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Warning:  In researching this, I found at least one article about insurers rejecting claims from drunk skiers.

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Cozy Yet Elegant Megève

The Rothschild’s developed Megève as an alternative to St. Mortiz in the 1920’s.  It’s high end, filled with pretty people, money and stylish places to spend it.  The center of the village is medieval, but don’t start thinking Megève is quiet, sleepy and/or antiquated. There are stylish modern boutique hotels and chalets that look like they were decorated by Axel Veervoordt.  Gourmet restaurants (many rated in the Michelin Guide), chic watering holes and hip clubs abound.  Non-skiers can shop ‘til they drop at upscale boutiques, visit the spa or hit the casino.  If you want to take a nap then rip it up apres ski, this is a good place to do it.

A pedestrian friendly atmosphere dominates Megève and the streets practically invite you to stroll through them.  You can walk from town to the lifts.  Snow melt forms a small river that meanders its way through the village.  In its center is the main square with its traditional church belfry.

While we didn’t see any of the famous horse-drawn sleighs, we were able to see signs of them.  Ski slopes, chalets and around forty active farms surround Megève, adding both character and fresh culinary delights.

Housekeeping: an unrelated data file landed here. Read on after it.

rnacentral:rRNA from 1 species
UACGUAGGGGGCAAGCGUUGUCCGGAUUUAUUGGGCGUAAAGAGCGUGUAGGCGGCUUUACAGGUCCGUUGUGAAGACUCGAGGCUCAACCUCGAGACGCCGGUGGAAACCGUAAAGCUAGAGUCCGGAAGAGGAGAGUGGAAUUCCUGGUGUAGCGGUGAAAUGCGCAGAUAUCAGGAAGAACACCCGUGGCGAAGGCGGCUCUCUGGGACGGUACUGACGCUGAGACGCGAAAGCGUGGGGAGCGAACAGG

Les Contamines

Late one night, a group of us decided to ski the next day.  When you make plans late at night for the next day, sometimes (shockingly) they aren’t well thought out.  As we would be a large group of all levels, we decided to go to Les Contamines. Surprisingly, it turned out to be a good choice and a great day.

We chose it because:

  • It is close to Geneva.
  • It is not crowded.  There are rarely any lift queues.
  • As it is at the back-end of a valley, it is less traveled.  It has a reputation for having a calm, laid back atmosphere.
  • It is a small, relatively unspoiled town.  There’s no trendy après-ski or clubs.  In fact, there isn’t much nightlife.  As a result, it is calmer.
  • Fewer people means snow stays untracked longer.  Who doesn’t love unskied powder?
  • It offers a wide variety of terrain for all levels.  We had a diverse group and there were pistes to suit everyone.
  • The prices are reasonable.